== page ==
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Sri Lanka sends envoy to India

Sri Lanka sends envoy to India

Sri Lanka's President Mahinda Rajapaksa has sent his brother to India for talks with top officials, days after the New Delhi government called for the protection of ethnic Tamil civilians trapped in the island country's civil war.
Basil Rajapaksa will meet India's External Affairs Minister Pranab Mukherjee, said Prasad Kariyawasam of Sri Lanka's foreign ministry Saturday.
India's Prime Minister Manmohan Singh said last week that a military victory would not end the decades-old civil war in Sri Lanka and called on both the government and Tamil Tiger rebels to seek a negotiated settlement.
He also expressed concern on the plight of the ethnic Tamils civilians caught up in the fighting.
Sri Lanka says that it has come close to crushing the Liberation Tigers of Tamil Eelam rebels and end their 25-year separatist war. The government says its soldiers are just miles (kilometers) away from the town of Kilinochchi, the rebels' de facto capital in the north.
India has generally been reluctant to become directly involved in Sri Lanka's internal affairs after a disastrous military intervention in 1987 that led to the assassination of former Prime Minister Rajiv Gandhi by a Tamil Tiger suicide bomber.
However, there has been increased pressure in recent weeks from the southern Indian state of Tamil Nadu on the central government to protect the Sri Lankan Tamils.
Some 55 million Tamils living in India's Tamil Nadu are concerned about the future of Sri Lanka's Tamils, with whom they have ancestral links.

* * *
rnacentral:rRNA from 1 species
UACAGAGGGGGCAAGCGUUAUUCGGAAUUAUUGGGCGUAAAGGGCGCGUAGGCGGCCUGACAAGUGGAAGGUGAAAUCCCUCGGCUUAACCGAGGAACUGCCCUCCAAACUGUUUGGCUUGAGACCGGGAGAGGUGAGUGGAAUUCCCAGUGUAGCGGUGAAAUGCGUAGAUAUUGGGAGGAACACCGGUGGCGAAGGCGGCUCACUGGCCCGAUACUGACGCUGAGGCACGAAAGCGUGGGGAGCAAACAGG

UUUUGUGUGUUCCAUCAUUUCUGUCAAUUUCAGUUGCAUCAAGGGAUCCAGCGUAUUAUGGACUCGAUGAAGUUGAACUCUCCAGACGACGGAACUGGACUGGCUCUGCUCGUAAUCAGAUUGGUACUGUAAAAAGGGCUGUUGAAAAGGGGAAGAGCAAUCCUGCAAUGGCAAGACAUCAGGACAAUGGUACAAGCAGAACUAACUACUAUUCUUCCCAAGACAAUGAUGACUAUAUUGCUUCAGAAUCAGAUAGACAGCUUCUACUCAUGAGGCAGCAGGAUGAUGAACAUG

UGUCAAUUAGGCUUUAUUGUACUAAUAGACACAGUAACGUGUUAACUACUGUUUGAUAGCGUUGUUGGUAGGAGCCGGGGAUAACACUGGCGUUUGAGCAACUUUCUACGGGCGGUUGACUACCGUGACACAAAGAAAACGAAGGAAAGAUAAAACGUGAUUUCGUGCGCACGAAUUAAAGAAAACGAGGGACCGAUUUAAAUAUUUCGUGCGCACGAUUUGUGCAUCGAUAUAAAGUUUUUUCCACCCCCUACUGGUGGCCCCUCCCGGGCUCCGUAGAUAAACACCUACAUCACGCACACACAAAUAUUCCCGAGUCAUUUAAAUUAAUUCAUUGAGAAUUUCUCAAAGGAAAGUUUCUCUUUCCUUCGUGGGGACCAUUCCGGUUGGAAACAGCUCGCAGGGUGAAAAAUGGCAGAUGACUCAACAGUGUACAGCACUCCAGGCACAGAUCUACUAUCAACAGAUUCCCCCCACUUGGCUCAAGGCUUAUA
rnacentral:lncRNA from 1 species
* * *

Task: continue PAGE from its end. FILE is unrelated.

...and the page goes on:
Meanwhile advancing government forces launched an artillery barrage on a village in the north, killing two civilians, the rebels said Saturday. Lakshman Hulugalle, a top government spokesman on the war, denied the rebel allegation. "There is absolutely no truth in that," he said.
The Tamil Tiger separatists have repeatedly accused Sri Lankan forces of killing civilians in their drive to crush the rebels. The government says it is trying to avoid civilian casualties.
A rebel statement Saturday said troops pounded the village of Sivanagar west of Kilinochchi with artillery for hours Friday evening, killing Sinaiya Ramalingam and his 32-year-old son, Ramalingam Vijiyananthan.
It is difficult to verify the battlefield reports given by both sides because reporters are largely barred from the war zone. Both sides have been accused of giving false information on the fighting.
The insurgents have been fighting since 1983 to create an independent state for ethnic minority Tamils, who have suffered marginalization at the hands of successive governments controlled by the Sinhalese majority.


Updated : 2021-04-14 15:57 GMT+08:00